Most people have higher expectations for customer service now than they did just a year ago. In fact, 66% of consumers between 18 and 34 (and 54% overall) do. That’s a lot of people that are expecting an excellent experience—and a lot of companies that are trying to provide it. The importance of customer loyalty is at an all-time high, especially with the bounty of competitors that most modern businesses have.

Your customers are ruthless in their expectations. 82% of consumers report that they’ve left a company entirely due solely to a single bad customer experience. After all, with so many available alternatives, what’s to keep them? To keep them with you, you’ll need to go above and beyond and get creative with your customer happiness solutions. Luckily, we’ve got a few tricks up our sleeves to recommend.

Help them help themselves

This might hurt to hear, but your customers, for the most part, don’t actually want to talk to you. In their eyes, the more frictionless the experience, the better. 73% of customers prefer to use a company’s website, instead of using social media, SMS and live chat for support. That means that one of the best things that you can do to keep them happy is to keep them from ever having to directly talk with a person on your team at all.  There are a few ways that you can do this:

  • Invest in an excellent AI system to answer their inquiries quickly and efficiently on your site.
  • Create amazing self-service documentation and video libraries.
  • Use user onboarding to your benefit: guide your users in product best-practices from the start.
  • Create proactive email campaigns to trigger when customers typically need help. For example, at the end of your trial period.

All of these serve as a buffer for your customer. Ultimately, not talking to them is one of the best things that you can do to keep them happy

Send them gifts and treats

People love gifts. Well, they love good gifts that show that you pay attention to what they like and care about. In a recent survey, 57% of respondents said that “gifts can impact their opinion of a business partner both positively and negatively.” Basically, if you send them an ugly sweater (unless that’s a key factor of your product), you might lose favor, but if you send them a delightful, useful gift otherwise, it’s likely to earn you loyalty.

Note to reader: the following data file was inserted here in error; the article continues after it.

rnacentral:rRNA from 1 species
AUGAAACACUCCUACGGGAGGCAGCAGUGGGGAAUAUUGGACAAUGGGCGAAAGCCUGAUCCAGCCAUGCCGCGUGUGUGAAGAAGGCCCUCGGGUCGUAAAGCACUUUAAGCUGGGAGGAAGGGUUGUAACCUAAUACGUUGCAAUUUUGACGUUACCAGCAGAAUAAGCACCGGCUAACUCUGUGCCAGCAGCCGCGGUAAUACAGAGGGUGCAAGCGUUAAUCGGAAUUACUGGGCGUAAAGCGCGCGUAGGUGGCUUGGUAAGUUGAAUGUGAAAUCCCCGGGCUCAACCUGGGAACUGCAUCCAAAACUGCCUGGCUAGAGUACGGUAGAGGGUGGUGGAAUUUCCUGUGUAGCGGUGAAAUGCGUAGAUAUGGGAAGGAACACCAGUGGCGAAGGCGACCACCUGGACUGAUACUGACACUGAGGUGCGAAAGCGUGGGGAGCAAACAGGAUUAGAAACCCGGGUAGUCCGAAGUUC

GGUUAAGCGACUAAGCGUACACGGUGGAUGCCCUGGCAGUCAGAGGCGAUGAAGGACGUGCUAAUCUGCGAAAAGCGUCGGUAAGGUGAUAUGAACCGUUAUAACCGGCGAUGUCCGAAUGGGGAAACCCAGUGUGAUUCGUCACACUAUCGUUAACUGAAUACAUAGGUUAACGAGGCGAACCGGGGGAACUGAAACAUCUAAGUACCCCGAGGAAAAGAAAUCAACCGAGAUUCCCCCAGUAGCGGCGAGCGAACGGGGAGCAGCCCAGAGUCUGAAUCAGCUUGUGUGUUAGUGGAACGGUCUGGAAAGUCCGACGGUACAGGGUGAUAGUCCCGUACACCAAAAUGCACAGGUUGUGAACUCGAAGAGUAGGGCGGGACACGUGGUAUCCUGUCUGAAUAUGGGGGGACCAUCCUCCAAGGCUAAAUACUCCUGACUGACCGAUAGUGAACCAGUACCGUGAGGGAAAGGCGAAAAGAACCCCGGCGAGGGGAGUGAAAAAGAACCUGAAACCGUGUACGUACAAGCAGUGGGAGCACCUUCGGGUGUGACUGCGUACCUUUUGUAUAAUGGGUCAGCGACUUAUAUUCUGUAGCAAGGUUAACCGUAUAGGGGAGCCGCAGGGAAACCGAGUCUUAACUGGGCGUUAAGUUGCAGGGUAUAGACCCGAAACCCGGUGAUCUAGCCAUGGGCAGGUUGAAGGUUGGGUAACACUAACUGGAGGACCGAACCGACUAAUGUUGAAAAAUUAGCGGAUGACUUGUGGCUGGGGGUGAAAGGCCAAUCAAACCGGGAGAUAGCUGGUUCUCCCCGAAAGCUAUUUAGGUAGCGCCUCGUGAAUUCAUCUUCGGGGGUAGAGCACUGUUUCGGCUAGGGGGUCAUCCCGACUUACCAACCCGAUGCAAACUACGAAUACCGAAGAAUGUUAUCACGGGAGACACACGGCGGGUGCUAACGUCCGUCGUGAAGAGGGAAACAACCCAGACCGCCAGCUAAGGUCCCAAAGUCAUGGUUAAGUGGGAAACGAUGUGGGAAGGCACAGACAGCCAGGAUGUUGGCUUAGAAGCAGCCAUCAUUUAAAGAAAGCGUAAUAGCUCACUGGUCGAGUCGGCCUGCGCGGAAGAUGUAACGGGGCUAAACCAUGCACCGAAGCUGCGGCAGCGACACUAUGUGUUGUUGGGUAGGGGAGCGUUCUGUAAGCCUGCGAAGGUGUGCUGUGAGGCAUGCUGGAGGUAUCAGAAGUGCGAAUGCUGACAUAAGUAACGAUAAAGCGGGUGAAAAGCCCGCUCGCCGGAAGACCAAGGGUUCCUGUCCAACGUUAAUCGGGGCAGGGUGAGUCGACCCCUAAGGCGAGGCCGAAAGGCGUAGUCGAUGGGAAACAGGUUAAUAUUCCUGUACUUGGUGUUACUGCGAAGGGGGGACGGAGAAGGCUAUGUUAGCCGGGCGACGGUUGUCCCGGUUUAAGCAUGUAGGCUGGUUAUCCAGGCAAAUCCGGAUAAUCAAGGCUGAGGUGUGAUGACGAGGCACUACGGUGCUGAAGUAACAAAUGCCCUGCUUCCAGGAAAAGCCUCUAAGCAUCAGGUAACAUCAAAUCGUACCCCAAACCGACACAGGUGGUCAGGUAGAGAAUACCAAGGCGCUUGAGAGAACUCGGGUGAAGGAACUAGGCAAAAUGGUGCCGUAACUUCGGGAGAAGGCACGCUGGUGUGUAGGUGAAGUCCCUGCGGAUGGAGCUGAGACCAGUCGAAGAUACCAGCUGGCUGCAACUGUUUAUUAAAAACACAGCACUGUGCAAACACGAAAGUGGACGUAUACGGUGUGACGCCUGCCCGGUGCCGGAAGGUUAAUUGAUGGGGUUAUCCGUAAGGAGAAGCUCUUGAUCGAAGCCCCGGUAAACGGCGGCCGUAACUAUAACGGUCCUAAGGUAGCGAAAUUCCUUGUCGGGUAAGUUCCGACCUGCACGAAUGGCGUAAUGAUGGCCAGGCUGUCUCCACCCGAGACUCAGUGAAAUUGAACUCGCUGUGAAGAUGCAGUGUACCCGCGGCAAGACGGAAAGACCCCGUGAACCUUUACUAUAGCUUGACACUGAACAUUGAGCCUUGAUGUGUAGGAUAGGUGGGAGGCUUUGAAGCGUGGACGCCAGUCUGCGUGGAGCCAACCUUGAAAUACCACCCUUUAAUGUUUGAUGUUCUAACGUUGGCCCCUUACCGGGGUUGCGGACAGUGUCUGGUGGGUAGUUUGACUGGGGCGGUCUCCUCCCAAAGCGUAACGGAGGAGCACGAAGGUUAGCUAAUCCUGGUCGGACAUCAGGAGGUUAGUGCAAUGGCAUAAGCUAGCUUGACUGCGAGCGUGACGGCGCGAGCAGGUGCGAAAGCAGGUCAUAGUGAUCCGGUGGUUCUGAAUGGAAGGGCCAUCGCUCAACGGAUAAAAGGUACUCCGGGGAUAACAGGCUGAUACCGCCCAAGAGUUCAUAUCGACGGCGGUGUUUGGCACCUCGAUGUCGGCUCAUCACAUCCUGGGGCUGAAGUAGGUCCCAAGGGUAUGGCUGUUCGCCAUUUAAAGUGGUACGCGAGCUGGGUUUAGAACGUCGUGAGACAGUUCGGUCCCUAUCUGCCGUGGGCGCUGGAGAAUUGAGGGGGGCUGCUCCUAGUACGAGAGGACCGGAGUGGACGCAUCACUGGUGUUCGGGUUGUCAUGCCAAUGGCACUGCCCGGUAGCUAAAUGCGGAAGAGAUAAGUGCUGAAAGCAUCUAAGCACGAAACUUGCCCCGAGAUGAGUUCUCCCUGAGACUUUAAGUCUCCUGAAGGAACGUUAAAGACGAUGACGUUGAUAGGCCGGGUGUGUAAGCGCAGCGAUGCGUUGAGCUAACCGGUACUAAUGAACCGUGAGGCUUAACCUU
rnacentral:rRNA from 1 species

There are many opportunities to send gifts to customers, but it’s important to figure out a way to do so scalably. Imagine hearing from a friend about the amazing gifts a company sent them, choosing to sign yourself up, and discovering that the amazing customer service experience had changed. That sends the message that perhaps customers are not as important or valuable as they used to be—never a good feeling. Some of the best times to think about sending gifts or treats to your customers are:

  • If they sign a large contract
  • On their birthday or other special event related to your product. For example, if you sell wedding rings, sending them a gift on their wedding or anniversary days
  • If you see big news about their company
  • On their anniversary of using your product
  • Just because!

Send a gift that’s relevant to your product,  or useful to your target demographic customer—no ugly sweaters allowed!

Treat everyone the same

Have you ever been told “Sorry, we don’t offer that service to customers below a specific pay tier”? It stings. It makes you feel like you’re less valuable than someone that’s paying more than you—even if that “more” is just a little bit. There are two solutions to this: either don’t publicize that you offer those services at all, or offer all of your support offerings to everyone. “There's only one boss, the customer,” Sam Walton once said. “He can fire everybody from the chairman on down simply by spending his money elsewhere.” Even your users that are not yet customers have the power of voting with their dollars.